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Scientists Have Discovered a Trick to Making Better Coffee

Coffee nerds are getting some scientific validation today.

A new study has found that adding a little bit of water to coffee beans before grinding them is a smarter way to brew your cup of joe, The Washington Post reported on Wednesday. The addition of moisture reduces static-electricity build-up, making for a cleaner process, and it also creates stronger, more consistent grounds.

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“The idea you get some type of electrical buildup in coffee grounds is a pretty old observation. If you’ve never seen an industrial scale roastery, you can see coffee grounds flying up and sticking all over the place,” William Ristenpart, the founding director of the UC Davis Coffee Center, who was not involved in the study, told the Post. “What’s cool about this paper is it’s putting some hard science, some hard data, behind understanding the mechanism.”

The research, a collaboration between chemists and volcanologists at the University of Oregon, was published in the journal Matter. Those groups may seem like an unlikely pair for studying coffee, but they’re actually interested in the same core principle—how tiny particles gain electric charges via friction and fractures. And they realized that, fittingly, over a cup of joe.

Christopher Hendon, a coffee chemist at the University of Oregon and one of the study’s leaders, hosts regular coffee hours at his lab. The volcanologist Josh Méndez Harper would attend as a casual drinker, and one day he heard Hendon and other attendees talking about how electricity builds up during grinding. A lightbulb went off: It was similar to what he had been studying with volcanic ash. Méndez Harper, Hendon, and the rest of their team decided to take the technology used for studying volcanoes and MacGyver it to work for coffee.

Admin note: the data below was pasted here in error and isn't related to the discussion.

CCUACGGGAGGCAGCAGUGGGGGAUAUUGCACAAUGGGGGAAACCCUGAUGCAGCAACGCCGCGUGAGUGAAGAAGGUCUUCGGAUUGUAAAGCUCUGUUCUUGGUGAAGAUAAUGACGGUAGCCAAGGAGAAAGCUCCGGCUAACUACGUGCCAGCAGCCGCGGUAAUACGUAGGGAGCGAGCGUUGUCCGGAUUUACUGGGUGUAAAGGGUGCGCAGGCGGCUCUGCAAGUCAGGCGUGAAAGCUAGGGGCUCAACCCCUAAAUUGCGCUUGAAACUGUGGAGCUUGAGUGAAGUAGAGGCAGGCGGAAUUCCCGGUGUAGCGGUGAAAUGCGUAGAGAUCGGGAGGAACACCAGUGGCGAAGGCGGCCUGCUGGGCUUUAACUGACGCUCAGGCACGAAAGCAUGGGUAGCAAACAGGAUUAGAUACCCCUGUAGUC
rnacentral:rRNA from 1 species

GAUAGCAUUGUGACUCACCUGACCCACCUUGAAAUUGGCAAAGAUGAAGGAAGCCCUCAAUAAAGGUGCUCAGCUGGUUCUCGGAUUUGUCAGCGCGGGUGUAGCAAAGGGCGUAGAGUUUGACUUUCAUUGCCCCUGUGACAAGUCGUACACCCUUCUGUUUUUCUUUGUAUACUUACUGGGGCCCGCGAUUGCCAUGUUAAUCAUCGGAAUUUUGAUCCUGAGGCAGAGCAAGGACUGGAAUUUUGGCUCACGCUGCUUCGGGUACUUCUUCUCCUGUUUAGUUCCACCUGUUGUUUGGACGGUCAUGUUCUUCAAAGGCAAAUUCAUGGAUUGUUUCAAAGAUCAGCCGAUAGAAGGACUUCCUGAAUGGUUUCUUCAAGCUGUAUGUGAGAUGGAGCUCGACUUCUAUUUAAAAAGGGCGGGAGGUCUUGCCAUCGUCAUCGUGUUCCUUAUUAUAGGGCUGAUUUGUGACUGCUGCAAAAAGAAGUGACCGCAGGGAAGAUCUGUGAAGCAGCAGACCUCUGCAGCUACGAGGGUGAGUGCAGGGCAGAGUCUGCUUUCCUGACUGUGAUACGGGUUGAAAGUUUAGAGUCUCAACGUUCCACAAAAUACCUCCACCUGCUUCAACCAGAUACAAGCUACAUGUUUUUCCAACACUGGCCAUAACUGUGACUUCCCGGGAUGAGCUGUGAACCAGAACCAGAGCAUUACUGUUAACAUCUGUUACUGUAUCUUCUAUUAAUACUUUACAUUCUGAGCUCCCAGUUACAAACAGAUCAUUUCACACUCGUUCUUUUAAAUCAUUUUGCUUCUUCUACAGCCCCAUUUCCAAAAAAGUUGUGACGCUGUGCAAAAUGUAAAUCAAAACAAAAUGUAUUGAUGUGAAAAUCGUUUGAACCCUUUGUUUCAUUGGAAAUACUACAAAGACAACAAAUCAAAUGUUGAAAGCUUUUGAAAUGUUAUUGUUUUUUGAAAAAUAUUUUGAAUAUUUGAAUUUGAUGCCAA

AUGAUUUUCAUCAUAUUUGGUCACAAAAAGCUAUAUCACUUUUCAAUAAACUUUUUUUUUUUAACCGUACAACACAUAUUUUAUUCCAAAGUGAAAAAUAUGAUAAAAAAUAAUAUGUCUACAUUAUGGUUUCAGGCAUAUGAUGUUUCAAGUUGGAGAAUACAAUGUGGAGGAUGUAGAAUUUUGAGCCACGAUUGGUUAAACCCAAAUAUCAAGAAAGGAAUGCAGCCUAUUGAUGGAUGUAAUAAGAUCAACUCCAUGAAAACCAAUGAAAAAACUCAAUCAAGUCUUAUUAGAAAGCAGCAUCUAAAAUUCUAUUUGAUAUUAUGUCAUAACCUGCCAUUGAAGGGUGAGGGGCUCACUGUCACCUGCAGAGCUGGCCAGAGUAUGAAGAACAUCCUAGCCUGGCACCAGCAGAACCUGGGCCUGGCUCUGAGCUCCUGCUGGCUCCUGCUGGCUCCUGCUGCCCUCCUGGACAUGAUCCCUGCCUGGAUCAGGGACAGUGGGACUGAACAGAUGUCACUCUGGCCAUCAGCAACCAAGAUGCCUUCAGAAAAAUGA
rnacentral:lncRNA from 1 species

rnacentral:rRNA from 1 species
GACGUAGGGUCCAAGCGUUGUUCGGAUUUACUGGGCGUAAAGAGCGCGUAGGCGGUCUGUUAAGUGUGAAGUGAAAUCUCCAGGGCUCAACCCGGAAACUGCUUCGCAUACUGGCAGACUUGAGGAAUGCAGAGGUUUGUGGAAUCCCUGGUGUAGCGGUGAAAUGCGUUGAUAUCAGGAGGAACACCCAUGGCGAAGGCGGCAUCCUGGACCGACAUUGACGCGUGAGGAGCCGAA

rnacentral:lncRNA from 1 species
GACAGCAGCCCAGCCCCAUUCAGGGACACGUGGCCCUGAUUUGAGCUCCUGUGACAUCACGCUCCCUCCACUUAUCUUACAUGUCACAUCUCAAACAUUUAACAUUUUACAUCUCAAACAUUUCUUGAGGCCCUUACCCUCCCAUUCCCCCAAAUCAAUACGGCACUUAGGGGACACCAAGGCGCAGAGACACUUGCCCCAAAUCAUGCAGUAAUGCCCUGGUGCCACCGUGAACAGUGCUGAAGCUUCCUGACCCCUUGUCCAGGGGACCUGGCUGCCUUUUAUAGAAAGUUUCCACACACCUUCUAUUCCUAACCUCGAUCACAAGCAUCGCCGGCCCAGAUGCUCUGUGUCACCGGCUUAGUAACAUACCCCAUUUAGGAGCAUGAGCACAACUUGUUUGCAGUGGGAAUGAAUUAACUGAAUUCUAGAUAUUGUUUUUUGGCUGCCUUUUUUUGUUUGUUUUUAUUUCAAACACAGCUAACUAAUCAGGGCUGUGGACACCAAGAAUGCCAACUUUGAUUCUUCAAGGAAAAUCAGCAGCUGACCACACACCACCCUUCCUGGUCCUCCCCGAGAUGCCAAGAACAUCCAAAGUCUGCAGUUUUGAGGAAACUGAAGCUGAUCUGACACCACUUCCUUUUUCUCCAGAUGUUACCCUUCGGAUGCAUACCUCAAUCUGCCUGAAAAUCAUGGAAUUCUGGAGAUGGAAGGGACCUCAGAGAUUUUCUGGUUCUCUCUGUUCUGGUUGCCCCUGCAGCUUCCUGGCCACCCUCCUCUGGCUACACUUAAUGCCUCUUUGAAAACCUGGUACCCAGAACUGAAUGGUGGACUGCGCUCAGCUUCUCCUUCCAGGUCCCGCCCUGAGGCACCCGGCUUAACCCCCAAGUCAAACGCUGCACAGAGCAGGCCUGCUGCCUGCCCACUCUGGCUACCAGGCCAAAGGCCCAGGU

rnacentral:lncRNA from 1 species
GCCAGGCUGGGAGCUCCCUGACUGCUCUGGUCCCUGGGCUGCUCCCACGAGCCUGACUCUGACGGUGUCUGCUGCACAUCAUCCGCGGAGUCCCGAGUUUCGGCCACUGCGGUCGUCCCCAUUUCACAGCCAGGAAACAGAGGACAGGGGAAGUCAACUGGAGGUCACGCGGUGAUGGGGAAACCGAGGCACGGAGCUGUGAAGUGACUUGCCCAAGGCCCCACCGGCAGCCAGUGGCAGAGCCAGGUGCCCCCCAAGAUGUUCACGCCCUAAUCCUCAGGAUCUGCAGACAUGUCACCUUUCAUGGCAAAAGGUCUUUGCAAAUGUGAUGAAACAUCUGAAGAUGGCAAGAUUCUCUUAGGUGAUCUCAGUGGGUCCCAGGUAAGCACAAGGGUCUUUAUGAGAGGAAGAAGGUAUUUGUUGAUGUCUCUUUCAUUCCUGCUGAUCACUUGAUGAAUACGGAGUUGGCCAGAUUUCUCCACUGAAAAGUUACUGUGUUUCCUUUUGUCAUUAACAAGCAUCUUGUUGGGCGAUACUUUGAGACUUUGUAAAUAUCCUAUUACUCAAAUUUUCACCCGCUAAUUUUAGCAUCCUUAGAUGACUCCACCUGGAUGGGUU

What they found is that moisture changes the amount of charge on coffee grounds. Lighter roasts, which have more internal moisture, gain less static charge during grinding than darker roasts, which are drier. To neutralize the effect, the scientists found that simply squirting a bit of water on the beans works just fine.

“If you’re going to be grinding whole-bean coffee, adding a small amount of water to those whole beans before you grind them will result in the coffee being more accessible when you brew it,” Hendon told The Washington Post. Essentially, “you get more coffee out of your coffee.”

Plus, the less static you have, the fewer clumps you get, as well. So when you’re brewing, the water can get to all of the coffee grounds equally, and your cup of joe is about 10 percent more concentrated than it otherwise would be.

More coffee and more flavor? What coffee aficionado could argue with that?

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